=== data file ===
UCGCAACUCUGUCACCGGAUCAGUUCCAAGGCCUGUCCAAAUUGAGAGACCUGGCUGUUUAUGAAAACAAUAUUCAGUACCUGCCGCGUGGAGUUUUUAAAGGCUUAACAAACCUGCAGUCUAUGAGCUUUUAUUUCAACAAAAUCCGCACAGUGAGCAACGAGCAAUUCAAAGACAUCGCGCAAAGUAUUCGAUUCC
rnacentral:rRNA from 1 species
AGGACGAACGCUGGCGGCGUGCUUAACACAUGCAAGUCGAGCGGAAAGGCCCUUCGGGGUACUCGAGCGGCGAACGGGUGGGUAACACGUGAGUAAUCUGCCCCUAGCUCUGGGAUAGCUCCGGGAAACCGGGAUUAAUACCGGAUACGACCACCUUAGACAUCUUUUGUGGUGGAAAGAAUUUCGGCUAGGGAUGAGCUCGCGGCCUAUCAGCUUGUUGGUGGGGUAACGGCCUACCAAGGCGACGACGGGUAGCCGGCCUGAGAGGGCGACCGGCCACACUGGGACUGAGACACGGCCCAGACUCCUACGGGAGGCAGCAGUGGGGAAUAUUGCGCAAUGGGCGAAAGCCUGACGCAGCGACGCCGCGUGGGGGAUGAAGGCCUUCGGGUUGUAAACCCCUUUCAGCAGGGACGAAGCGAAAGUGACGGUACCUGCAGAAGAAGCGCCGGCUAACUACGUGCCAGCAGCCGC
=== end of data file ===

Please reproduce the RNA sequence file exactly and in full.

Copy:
UCGCAACUCUGUCACCGGAUCAGUUCCAAGGCCUGUCCAAAUUGAGAGACCUGGCUGUUUAUGAAAACAAUAUUCAGUACCUGCCGCGUGGAGUUUUUAAAGGCUUAACAAACCUGCAGUCUAUGAGCUUUUAUUUCAACAAAAUCCGCACAGUGAGCAACGAGCAAUUCAAAGACAUCGCGCAAAGUAUUCGAUUCC
rnacentral:rRNA from 1 species
AGGACGAACGCUGGCGGCGUGCUUAACACAUGCAAGUCGAGCGGAAAGGCCCUUCGGGGUACUCGAGCGGCGAACGGGUGGGUAACACGUGAGUAAUCUGCCCCUAGCUCUGGGAUAGCUCCGGGAAACCGGGAUUAAUACCGGAUACGACCACCUUAGACAUCUUUUGUGGUGGAAAGAAUUUCGGCUAGGGAUGAGCUCGCGGCCUAUCAGCUUGUUGGUGGGGUAACGGCCUACCAAGGCGACGACGGGUAGCCGGCCUGAGAGGGCGACCGGCCACACUGGGACUGAGACACGGCCCAGACUCCUACGGGAGGCAGCAGUGGGGAAUAUUGCGCAAUGGGCGAAAGCCUGACGCAGCGACGCCGCGUGGGGGAUGAAGGCCUUCGGGUUGUAAACCCCUUUCAGCAGGGACGAAGCGAAAGUGACGGUACCUGCAGAAGAAGCGCCGGCUAACUACGUGCCAGCAGCCGC